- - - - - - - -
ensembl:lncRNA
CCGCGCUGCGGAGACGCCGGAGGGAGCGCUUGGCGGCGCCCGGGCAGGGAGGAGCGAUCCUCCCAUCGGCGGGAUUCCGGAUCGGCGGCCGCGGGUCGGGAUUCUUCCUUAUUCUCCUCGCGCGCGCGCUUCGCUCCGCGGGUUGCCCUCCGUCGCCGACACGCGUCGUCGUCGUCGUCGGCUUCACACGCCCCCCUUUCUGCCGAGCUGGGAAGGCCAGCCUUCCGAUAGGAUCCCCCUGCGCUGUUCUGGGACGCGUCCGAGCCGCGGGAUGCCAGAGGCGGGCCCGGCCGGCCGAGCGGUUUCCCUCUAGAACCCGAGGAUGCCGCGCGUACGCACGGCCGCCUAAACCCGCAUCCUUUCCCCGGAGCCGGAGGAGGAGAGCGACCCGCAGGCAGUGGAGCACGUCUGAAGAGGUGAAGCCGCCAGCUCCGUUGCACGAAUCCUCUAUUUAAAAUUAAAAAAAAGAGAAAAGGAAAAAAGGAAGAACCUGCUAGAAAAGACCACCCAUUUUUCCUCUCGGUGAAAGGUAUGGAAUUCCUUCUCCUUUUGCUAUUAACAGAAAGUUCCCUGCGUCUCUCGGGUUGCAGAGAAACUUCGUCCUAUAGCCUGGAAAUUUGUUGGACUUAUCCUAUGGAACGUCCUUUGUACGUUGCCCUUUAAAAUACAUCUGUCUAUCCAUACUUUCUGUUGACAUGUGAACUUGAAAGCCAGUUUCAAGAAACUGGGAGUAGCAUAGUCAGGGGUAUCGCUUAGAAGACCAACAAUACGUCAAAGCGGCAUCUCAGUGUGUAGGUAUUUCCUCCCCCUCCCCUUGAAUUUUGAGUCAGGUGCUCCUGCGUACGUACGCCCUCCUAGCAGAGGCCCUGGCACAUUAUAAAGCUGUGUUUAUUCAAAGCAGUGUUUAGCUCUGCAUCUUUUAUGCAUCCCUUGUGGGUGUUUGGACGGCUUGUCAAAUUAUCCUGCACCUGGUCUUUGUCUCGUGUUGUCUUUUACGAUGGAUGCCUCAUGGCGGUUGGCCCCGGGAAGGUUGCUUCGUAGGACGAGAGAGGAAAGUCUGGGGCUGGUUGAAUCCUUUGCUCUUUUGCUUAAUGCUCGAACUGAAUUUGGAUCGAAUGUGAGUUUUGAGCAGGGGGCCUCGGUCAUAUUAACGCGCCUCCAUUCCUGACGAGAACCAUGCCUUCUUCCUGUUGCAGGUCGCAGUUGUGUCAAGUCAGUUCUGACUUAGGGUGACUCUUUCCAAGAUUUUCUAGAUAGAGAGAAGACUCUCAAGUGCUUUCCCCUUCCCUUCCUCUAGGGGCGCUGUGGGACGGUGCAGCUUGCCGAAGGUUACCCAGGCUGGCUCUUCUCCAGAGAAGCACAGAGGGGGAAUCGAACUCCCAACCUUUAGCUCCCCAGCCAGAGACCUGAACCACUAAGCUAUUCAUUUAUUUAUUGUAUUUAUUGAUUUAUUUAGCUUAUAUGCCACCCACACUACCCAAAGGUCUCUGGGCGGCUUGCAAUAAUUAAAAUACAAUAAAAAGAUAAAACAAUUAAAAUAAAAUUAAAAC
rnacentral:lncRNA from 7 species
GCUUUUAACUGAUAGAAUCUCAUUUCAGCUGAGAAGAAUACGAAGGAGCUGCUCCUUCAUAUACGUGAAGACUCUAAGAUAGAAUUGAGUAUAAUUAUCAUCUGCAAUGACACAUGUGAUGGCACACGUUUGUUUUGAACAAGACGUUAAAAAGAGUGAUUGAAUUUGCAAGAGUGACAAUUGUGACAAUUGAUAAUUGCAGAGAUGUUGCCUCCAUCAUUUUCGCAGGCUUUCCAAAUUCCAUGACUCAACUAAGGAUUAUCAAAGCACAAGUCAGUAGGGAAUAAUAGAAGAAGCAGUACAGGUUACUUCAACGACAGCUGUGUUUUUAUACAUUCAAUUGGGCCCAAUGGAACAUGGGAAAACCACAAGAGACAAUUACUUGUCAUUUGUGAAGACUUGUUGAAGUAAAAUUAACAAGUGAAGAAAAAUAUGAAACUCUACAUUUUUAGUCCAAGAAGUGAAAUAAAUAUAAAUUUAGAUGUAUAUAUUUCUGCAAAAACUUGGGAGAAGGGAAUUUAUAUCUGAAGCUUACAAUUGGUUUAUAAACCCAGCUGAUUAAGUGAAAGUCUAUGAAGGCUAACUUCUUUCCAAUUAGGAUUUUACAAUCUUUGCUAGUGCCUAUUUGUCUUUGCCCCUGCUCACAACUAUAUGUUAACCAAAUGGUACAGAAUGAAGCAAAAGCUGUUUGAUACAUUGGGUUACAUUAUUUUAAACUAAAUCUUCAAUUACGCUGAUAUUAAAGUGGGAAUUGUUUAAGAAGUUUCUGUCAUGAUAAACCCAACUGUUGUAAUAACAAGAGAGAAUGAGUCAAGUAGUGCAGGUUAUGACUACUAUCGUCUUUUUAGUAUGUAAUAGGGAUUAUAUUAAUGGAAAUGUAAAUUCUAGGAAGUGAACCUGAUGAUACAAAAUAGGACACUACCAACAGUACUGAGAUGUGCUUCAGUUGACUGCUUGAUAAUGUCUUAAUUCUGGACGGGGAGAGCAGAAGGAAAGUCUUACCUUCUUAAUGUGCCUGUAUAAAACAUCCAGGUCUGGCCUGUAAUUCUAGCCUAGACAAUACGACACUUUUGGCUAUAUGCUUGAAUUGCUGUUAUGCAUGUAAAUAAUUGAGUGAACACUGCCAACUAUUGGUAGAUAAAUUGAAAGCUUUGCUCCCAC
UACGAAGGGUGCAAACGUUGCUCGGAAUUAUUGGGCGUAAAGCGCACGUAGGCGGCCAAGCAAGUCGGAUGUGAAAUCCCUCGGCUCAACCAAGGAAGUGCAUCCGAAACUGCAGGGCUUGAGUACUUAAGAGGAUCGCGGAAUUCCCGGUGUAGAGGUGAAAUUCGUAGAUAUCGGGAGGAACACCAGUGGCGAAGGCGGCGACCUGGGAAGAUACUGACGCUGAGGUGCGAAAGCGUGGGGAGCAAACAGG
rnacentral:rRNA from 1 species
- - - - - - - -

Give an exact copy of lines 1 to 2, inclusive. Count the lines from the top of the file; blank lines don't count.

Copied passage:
ensembl:lncRNA
CCGCGCUGCGGAGACGCCGGAGGGAGCGCUUGGCGGCGCCCGGGCAGGGAGGAGCGAUCCUCCCAUCGGCGGGAUUCCGGAUCGGCGGCCGCGGGUCGGGAUUCUUCCUUAUUCUCCUCGCGCGCGCGCUUCGCUCCGCGGGUUGCCCUCCGUCGCCGACACGCGUCGUCGUCGUCGUCGGCUUCACACGCCCCCCUUUCUGCCGAGCUGGGAAGGCCAGCCUUCCGAUAGGAUCCCCCUGCGCUGUUCUGGGACGCGUCCGAGCCGCGGGAUGCCAGAGGCGGGCCCGGCCGGCCGAGCGGUUUCCCUCUAGAACCCGAGGAUGCCGCGCGUACGCACGGCCGCCUAAACCCGCAUCCUUUCCCCGGAGCCGGAGGAGGAGAGCGACCCGCAGGCAGUGGAGCACGUCUGAAGAGGUGAAGCCGCCAGCUCCGUUGCACGAAUCCUCUAUUUAAAAUUAAAAAAAAGAGAAAAGGAAAAAAGGAAGAACCUGCUAGAAAAGACCACCCAUUUUUCCUCUCGGUGAAAGGUAUGGAAUUCCUUCUCCUUUUGCUAUUAACAGAAAGUUCCCUGCGUCUCUCGGGUUGCAGAGAAACUUCGUCCUAUAGCCUGGAAAUUUGUUGGACUUAUCCUAUGGAACGUCCUUUGUACGUUGCCCUUUAAAAUACAUCUGUCUAUCCAUACUUUCUGUUGACAUGUGAACUUGAAAGCCAGUUUCAAGAAACUGGGAGUAGCAUAGUCAGGGGUAUCGCUUAGAAGACCAACAAUACGUCAAAGCGGCAUCUCAGUGUGUAGGUAUUUCCUCCCCCUCCCCUUGAAUUUUGAGUCAGGUGCUCCUGCGUACGUACGCCCUCCUAGCAGAGGCCCUGGCACAUUAUAAAGCUGUGUUUAUUCAAAGCAGUGUUUAGCUCUGCAUCUUUUAUGCAUCCCUUGUGGGUGUUUGGACGGCUUGUCAAAUUAUCCUGCACCUGGUCUUUGUCUCGUGUUGUCUUUUACGAUGGAUGCCUCAUGGCGGUUGGCCCCGGGAAGGUUGCUUCGUAGGACGAGAGAGGAAAGUCUGGGGCUGGUUGAAUCCUUUGCUCUUUUGCUUAAUGCUCGAACUGAAUUUGGAUCGAAUGUGAGUUUUGAGCAGGGGGCCUCGGUCAUAUUAACGCGCCUCCAUUCCUGACGAGAACCAUGCCUUCUUCCUGUUGCAGGUCGCAGUUGUGUCAAGUCAGUUCUGACUUAGGGUGACUCUUUCCAAGAUUUUCUAGAUAGAGAGAAGACUCUCAAGUGCUUUCCCCUUCCCUUCCUCUAGGGGCGCUGUGGGACGGUGCAGCUUGCCGAAGGUUACCCAGGCUGGCUCUUCUCCAGAGAAGCACAGAGGGGGAAUCGAACUCCCAACCUUUAGCUCCCCAGCCAGAGACCUGAACCACUAAGCUAUUCAUUUAUUUAUUGUAUUUAUUGAUUUAUUUAGCUUAUAUGCCACCCACACUACCCAAAGGUCUCUGGGCGGCUUGCAAUAAUUAAAAUACAAUAAAAAGAUAAAACAAUUAAAAUAAAAUUAAAAC